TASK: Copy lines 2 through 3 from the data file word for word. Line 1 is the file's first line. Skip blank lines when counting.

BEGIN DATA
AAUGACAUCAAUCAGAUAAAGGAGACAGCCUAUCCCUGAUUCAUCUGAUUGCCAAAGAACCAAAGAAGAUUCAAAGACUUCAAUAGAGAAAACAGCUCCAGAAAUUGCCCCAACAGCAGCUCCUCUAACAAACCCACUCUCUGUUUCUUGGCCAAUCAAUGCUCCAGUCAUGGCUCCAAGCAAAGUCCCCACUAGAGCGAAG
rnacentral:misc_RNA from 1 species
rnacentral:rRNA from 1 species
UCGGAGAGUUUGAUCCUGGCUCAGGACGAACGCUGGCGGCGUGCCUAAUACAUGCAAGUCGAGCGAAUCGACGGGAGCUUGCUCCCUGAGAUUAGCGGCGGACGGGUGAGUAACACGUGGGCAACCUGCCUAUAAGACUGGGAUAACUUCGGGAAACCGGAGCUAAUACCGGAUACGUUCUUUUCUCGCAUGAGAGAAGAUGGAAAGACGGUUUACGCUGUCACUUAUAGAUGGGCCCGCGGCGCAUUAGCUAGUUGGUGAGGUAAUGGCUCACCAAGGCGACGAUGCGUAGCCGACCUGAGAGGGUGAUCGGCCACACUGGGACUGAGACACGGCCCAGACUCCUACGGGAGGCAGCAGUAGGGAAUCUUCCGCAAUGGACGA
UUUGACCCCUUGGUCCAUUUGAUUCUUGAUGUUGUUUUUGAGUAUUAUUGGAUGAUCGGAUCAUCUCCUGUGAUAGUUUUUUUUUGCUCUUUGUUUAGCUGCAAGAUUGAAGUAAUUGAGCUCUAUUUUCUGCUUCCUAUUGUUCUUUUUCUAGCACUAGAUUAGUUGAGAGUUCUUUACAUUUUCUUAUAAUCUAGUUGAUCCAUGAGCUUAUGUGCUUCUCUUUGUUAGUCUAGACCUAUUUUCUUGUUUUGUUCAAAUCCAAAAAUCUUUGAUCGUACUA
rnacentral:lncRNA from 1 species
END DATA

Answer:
rnacentral:misc_RNA from 1 species
rnacentral:rRNA from 1 species